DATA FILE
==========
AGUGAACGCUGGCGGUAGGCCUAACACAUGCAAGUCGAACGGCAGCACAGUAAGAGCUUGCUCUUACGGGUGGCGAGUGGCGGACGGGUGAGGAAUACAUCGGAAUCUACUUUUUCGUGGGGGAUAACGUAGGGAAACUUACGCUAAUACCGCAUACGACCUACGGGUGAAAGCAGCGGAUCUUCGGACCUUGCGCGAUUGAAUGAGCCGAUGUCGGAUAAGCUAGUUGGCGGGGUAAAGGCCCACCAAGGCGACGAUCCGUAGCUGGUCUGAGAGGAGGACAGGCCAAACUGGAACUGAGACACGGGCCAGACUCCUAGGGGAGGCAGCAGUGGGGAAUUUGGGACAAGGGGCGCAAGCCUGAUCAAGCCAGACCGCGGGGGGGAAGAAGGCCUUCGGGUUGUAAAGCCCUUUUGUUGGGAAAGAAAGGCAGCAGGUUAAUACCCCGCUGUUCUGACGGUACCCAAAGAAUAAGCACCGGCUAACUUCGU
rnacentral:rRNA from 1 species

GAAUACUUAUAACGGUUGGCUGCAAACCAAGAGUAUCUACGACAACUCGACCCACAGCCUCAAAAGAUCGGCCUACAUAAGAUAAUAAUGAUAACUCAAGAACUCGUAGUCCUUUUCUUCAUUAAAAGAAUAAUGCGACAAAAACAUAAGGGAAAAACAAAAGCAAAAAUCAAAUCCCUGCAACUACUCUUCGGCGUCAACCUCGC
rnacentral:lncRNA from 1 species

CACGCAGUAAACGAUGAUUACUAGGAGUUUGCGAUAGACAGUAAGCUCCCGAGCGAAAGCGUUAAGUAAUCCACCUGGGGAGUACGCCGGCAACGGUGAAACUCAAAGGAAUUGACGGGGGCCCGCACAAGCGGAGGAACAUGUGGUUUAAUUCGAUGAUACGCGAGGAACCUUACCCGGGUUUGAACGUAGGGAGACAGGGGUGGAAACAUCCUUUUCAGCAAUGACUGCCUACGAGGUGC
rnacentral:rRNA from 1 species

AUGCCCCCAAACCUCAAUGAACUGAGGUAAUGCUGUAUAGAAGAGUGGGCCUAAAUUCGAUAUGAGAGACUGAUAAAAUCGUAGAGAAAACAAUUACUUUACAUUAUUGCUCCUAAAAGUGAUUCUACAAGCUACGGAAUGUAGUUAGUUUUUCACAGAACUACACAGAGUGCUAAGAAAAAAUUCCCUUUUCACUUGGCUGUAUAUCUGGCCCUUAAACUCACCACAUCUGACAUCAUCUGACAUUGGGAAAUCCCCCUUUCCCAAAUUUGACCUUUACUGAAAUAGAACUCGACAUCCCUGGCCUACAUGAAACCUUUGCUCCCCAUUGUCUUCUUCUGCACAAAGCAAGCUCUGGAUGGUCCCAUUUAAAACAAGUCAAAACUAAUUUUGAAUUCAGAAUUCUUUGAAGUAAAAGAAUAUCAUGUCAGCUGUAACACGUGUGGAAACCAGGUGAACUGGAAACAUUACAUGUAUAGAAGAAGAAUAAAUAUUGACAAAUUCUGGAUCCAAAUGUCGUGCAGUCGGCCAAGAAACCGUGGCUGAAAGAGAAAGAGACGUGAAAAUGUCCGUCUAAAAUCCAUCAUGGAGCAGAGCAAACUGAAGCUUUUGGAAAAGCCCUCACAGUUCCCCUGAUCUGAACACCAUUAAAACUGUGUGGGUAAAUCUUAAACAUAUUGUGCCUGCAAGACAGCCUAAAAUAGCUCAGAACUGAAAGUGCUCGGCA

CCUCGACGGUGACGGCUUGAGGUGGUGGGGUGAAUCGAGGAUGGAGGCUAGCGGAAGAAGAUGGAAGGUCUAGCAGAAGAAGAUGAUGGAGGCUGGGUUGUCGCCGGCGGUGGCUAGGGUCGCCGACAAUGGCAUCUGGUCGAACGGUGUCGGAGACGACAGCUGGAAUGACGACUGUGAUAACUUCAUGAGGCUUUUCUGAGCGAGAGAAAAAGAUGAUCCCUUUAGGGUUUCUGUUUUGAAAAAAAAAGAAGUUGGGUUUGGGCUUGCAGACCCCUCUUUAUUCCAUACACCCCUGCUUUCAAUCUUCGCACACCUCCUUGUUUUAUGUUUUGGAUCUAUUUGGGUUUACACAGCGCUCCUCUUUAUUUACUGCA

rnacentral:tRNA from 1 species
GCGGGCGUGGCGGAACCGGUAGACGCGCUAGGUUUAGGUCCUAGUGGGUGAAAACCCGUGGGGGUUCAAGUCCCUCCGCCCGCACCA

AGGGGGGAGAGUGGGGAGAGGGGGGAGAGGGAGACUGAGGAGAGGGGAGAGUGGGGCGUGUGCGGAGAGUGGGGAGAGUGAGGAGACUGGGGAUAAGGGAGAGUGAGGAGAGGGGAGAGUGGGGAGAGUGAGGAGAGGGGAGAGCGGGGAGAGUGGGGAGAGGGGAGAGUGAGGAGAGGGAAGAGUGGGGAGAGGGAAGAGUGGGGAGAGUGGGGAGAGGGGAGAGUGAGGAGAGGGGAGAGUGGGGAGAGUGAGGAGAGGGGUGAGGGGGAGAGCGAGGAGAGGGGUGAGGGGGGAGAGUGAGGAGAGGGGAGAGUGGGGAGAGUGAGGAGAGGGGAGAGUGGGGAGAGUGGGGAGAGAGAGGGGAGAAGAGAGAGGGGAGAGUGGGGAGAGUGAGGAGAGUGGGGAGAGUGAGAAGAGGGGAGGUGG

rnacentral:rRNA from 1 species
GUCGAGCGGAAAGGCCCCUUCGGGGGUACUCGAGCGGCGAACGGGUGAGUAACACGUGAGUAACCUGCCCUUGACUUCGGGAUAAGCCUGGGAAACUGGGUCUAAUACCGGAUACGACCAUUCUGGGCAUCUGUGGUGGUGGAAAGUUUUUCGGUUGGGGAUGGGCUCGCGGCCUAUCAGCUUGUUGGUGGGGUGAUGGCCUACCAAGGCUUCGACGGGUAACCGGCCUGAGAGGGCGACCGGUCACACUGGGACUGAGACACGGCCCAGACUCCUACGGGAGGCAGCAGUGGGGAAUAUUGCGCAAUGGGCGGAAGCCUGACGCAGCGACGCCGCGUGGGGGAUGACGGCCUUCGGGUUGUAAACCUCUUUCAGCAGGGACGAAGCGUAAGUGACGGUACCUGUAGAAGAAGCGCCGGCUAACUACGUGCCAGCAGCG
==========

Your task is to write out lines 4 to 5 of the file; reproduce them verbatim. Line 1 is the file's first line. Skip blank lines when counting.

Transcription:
rnacentral:lncRNA from 1 species

CACGCAGUAAACGAUGAUUACUAGGAGUUUGCGAUAGACAGUAAGCUCCCGAGCGAAAGCGUUAAGUAAUCCACCUGGGGAGUACGCCGGCAACGGUGAAACUCAAAGGAAUUGACGGGGGCCCGCACAAGCGGAGGAACAUGUGGUUUAAUUCGAUGAUACGCGAGGAACCUUACCCGGGUUUGAACGUAGGGAGACAGGGGUGGAAACAUCCUUUUCAGCAAUGACUGCCUACGAGGUGC